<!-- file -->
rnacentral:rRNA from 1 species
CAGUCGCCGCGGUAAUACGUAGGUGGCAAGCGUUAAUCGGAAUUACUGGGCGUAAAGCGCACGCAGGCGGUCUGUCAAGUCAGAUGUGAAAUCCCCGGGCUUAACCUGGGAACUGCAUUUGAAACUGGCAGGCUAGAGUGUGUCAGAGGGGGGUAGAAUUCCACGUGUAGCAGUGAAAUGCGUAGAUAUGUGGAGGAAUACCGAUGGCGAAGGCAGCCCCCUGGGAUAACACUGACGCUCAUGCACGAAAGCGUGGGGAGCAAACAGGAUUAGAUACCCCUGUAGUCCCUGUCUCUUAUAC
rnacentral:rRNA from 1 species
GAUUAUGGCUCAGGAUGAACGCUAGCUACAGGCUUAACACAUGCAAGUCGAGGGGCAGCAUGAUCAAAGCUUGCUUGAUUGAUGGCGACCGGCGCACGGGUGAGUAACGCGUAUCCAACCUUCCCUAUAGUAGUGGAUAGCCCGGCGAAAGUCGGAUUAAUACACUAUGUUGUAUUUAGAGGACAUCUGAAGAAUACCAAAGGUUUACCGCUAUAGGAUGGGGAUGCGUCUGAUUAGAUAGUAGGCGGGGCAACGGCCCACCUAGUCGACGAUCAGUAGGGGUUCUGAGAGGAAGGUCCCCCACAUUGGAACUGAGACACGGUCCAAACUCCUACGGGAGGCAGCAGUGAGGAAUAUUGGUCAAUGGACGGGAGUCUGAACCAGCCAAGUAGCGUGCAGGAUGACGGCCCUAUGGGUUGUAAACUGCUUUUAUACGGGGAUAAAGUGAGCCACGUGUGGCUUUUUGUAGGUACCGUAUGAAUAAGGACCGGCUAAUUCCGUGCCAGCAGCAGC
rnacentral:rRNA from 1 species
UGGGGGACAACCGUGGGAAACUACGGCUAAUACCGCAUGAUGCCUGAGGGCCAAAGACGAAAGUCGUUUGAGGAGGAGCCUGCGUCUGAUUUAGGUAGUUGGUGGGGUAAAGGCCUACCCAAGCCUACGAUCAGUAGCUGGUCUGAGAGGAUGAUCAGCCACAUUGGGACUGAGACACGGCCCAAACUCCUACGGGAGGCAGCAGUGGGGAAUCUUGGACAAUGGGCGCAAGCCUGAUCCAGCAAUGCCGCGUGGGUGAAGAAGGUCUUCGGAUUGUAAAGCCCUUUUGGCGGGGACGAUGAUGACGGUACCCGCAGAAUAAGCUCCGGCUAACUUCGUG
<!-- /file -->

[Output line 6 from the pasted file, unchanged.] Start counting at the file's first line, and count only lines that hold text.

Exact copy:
UGGGGGACAACCGUGGGAAACUACGGCUAAUACCGCAUGAUGCCUGAGGGCCAAAGACGAAAGUCGUUUGAGGAGGAGCCUGCGUCUGAUUUAGGUAGUUGGUGGGGUAAAGGCCUACCCAAGCCUACGAUCAGUAGCUGGUCUGAGAGGAUGAUCAGCCACAUUGGGACUGAGACACGGCCCAAACUCCUACGGGAGGCAGCAGUGGGGAAUCUUGGACAAUGGGCGCAAGCCUGAUCCAGCAAUGCCGCGUGGGUGAAGAAGGUCUUCGGAUUGUAAAGCCCUUUUGGCGGGGACGAUGAUGACGGUACCCGCAGAAUAAGCUCCGGCUAACUUCGUG